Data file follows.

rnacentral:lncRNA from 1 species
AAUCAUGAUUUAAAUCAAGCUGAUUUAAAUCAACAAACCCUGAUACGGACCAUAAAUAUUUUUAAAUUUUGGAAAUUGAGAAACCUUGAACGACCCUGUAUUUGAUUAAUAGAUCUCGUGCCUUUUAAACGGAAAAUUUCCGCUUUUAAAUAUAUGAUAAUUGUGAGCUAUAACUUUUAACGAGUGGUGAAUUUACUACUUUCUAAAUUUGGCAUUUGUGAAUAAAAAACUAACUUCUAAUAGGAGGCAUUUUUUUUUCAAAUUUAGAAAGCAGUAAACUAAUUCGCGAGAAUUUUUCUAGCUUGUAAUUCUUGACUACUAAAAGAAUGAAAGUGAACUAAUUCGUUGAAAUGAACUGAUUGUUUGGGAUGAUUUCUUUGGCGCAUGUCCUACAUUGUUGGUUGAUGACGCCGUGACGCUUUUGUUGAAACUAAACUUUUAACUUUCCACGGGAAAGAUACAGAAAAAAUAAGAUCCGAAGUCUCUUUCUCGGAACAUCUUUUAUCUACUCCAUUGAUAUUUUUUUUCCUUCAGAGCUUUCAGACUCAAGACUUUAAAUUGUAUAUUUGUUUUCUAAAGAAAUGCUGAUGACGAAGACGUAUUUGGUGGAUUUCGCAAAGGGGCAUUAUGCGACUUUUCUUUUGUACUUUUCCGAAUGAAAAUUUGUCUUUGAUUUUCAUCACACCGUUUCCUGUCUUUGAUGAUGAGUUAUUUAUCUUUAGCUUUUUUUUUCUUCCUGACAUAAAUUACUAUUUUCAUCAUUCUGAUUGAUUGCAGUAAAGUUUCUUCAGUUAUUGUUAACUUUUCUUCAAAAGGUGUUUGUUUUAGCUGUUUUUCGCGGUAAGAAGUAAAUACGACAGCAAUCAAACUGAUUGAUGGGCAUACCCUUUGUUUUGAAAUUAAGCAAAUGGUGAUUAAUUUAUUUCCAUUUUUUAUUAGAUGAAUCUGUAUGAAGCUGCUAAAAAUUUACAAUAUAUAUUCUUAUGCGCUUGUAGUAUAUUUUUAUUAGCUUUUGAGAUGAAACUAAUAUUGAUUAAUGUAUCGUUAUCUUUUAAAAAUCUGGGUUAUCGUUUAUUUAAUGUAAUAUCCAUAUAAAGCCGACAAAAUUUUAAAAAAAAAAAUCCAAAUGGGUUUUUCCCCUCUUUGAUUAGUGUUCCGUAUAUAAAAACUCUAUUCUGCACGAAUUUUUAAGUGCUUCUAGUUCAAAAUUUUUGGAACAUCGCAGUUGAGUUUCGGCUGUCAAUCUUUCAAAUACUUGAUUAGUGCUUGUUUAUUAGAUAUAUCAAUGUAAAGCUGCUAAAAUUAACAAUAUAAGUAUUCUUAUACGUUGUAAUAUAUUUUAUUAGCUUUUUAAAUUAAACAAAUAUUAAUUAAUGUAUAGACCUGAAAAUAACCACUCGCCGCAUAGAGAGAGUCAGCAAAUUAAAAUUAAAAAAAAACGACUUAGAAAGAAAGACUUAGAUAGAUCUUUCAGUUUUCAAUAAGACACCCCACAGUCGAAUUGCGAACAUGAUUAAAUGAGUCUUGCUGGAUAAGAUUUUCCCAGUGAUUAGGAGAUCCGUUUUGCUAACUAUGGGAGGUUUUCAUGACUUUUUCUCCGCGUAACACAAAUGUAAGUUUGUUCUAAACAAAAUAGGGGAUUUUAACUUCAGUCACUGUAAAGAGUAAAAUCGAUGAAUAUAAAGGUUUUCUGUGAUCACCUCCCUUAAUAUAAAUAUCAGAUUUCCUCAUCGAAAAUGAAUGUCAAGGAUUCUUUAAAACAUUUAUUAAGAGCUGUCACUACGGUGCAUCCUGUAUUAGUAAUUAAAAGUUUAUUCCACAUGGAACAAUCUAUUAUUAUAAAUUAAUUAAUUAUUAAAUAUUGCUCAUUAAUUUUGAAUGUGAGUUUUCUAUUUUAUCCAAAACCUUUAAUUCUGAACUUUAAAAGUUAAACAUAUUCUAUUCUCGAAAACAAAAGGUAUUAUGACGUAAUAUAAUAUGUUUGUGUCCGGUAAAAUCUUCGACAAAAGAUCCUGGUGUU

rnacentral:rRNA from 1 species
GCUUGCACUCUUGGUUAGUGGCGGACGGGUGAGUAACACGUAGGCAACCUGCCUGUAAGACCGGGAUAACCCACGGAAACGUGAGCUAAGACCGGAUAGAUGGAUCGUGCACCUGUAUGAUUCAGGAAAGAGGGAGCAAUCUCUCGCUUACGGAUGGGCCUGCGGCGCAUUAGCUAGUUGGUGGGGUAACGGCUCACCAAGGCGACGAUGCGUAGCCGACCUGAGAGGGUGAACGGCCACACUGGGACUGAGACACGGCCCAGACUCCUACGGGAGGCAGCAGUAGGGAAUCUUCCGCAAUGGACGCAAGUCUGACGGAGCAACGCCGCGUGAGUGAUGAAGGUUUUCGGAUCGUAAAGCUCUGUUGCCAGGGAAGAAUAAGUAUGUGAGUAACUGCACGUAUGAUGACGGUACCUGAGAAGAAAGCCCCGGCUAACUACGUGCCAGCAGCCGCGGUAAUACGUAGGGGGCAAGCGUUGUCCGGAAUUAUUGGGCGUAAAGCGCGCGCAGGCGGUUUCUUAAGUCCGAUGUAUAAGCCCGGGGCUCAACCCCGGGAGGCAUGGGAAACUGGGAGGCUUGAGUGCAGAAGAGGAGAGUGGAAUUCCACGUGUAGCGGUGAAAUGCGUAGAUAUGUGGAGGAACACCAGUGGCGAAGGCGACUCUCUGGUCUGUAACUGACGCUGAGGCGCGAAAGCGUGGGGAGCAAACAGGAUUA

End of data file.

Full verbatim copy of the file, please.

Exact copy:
rnacentral:lncRNA from 1 species
AAUCAUGAUUUAAAUCAAGCUGAUUUAAAUCAACAAACCCUGAUACGGACCAUAAAUAUUUUUAAAUUUUGGAAAUUGAGAAACCUUGAACGACCCUGUAUUUGAUUAAUAGAUCUCGUGCCUUUUAAACGGAAAAUUUCCGCUUUUAAAUAUAUGAUAAUUGUGAGCUAUAACUUUUAACGAGUGGUGAAUUUACUACUUUCUAAAUUUGGCAUUUGUGAAUAAAAAACUAACUUCUAAUAGGAGGCAUUUUUUUUUCAAAUUUAGAAAGCAGUAAACUAAUUCGCGAGAAUUUUUCUAGCUUGUAAUUCUUGACUACUAAAAGAAUGAAAGUGAACUAAUUCGUUGAAAUGAACUGAUUGUUUGGGAUGAUUUCUUUGGCGCAUGUCCUACAUUGUUGGUUGAUGACGCCGUGACGCUUUUGUUGAAACUAAACUUUUAACUUUCCACGGGAAAGAUACAGAAAAAAUAAGAUCCGAAGUCUCUUUCUCGGAACAUCUUUUAUCUACUCCAUUGAUAUUUUUUUUCCUUCAGAGCUUUCAGACUCAAGACUUUAAAUUGUAUAUUUGUUUUCUAAAGAAAUGCUGAUGACGAAGACGUAUUUGGUGGAUUUCGCAAAGGGGCAUUAUGCGACUUUUCUUUUGUACUUUUCCGAAUGAAAAUUUGUCUUUGAUUUUCAUCACACCGUUUCCUGUCUUUGAUGAUGAGUUAUUUAUCUUUAGCUUUUUUUUUCUUCCUGACAUAAAUUACUAUUUUCAUCAUUCUGAUUGAUUGCAGUAAAGUUUCUUCAGUUAUUGUUAACUUUUCUUCAAAAGGUGUUUGUUUUAGCUGUUUUUCGCGGUAAGAAGUAAAUACGACAGCAAUCAAACUGAUUGAUGGGCAUACCCUUUGUUUUGAAAUUAAGCAAAUGGUGAUUAAUUUAUUUCCAUUUUUUAUUAGAUGAAUCUGUAUGAAGCUGCUAAAAAUUUACAAUAUAUAUUCUUAUGCGCUUGUAGUAUAUUUUUAUUAGCUUUUGAGAUGAAACUAAUAUUGAUUAAUGUAUCGUUAUCUUUUAAAAAUCUGGGUUAUCGUUUAUUUAAUGUAAUAUCCAUAUAAAGCCGACAAAAUUUUAAAAAAAAAAAUCCAAAUGGGUUUUUCCCCUCUUUGAUUAGUGUUCCGUAUAUAAAAACUCUAUUCUGCACGAAUUUUUAAGUGCUUCUAGUUCAAAAUUUUUGGAACAUCGCAGUUGAGUUUCGGCUGUCAAUCUUUCAAAUACUUGAUUAGUGCUUGUUUAUUAGAUAUAUCAAUGUAAAGCUGCUAAAAUUAACAAUAUAAGUAUUCUUAUACGUUGUAAUAUAUUUUAUUAGCUUUUUAAAUUAAACAAAUAUUAAUUAAUGUAUAGACCUGAAAAUAACCACUCGCCGCAUAGAGAGAGUCAGCAAAUUAAAAUUAAAAAAAAACGACUUAGAAAGAAAGACUUAGAUAGAUCUUUCAGUUUUCAAUAAGACACCCCACAGUCGAAUUGCGAACAUGAUUAAAUGAGUCUUGCUGGAUAAGAUUUUCCCAGUGAUUAGGAGAUCCGUUUUGCUAACUAUGGGAGGUUUUCAUGACUUUUUCUCCGCGUAACACAAAUGUAAGUUUGUUCUAAACAAAAUAGGGGAUUUUAACUUCAGUCACUGUAAAGAGUAAAAUCGAUGAAUAUAAAGGUUUUCUGUGAUCACCUCCCUUAAUAUAAAUAUCAGAUUUCCUCAUCGAAAAUGAAUGUCAAGGAUUCUUUAAAACAUUUAUUAAGAGCUGUCACUACGGUGCAUCCUGUAUUAGUAAUUAAAAGUUUAUUCCACAUGGAACAAUCUAUUAUUAUAAAUUAAUUAAUUAUUAAAUAUUGCUCAUUAAUUUUGAAUGUGAGUUUUCUAUUUUAUCCAAAACCUUUAAUUCUGAACUUUAAAAGUUAAACAUAUUCUAUUCUCGAAAACAAAAGGUAUUAUGACGUAAUAUAAUAUGUUUGUGUCCGGUAAAAUCUUCGACAAAAGAUCCUGGUGUU

rnacentral:rRNA from 1 species
GCUUGCACUCUUGGUUAGUGGCGGACGGGUGAGUAACACGUAGGCAACCUGCCUGUAAGACCGGGAUAACCCACGGAAACGUGAGCUAAGACCGGAUAGAUGGAUCGUGCACCUGUAUGAUUCAGGAAAGAGGGAGCAAUCUCUCGCUUACGGAUGGGCCUGCGGCGCAUUAGCUAGUUGGUGGGGUAACGGCUCACCAAGGCGACGAUGCGUAGCCGACCUGAGAGGGUGAACGGCCACACUGGGACUGAGACACGGCCCAGACUCCUACGGGAGGCAGCAGUAGGGAAUCUUCCGCAAUGGACGCAAGUCUGACGGAGCAACGCCGCGUGAGUGAUGAAGGUUUUCGGAUCGUAAAGCUCUGUUGCCAGGGAAGAAUAAGUAUGUGAGUAACUGCACGUAUGAUGACGGUACCUGAGAAGAAAGCCCCGGCUAACUACGUGCCAGCAGCCGCGGUAAUACGUAGGGGGCAAGCGUUGUCCGGAAUUAUUGGGCGUAAAGCGCGCGCAGGCGGUUUCUUAAGUCCGAUGUAUAAGCCCGGGGCUCAACCCCGGGAGGCAUGGGAAACUGGGAGGCUUGAGUGCAGAAGAGGAGAGUGGAAUUCCACGUGUAGCGGUGAAAUGCGUAGAUAUGUGGAGGAACACCAGUGGCGAAGGCGACUCUCUGGUCUGUAACUGACGCUGAGGCGCGAAAGCGUGGGGAGCAAACAGGAUUA